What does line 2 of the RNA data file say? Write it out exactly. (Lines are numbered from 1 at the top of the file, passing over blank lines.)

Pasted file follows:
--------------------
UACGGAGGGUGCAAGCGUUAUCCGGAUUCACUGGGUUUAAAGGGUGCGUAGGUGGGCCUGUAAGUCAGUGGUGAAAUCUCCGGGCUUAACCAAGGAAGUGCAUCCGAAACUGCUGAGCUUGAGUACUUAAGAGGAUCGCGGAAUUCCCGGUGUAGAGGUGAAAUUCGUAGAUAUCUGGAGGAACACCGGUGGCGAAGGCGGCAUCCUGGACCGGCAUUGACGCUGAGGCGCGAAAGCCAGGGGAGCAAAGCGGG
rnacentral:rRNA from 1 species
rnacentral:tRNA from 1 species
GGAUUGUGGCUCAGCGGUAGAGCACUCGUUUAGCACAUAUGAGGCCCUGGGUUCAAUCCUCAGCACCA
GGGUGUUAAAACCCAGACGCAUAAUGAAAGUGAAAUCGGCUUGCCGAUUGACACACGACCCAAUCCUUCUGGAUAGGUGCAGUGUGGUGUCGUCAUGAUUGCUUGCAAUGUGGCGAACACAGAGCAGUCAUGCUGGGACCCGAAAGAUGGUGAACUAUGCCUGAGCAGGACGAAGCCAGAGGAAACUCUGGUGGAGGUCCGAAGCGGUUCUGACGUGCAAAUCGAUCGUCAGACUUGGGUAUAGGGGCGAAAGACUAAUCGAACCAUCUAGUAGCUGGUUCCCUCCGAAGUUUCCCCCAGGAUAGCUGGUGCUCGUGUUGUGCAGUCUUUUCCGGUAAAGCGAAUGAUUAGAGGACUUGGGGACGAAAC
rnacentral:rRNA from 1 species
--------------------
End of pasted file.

rnacentral:rRNA from 1 species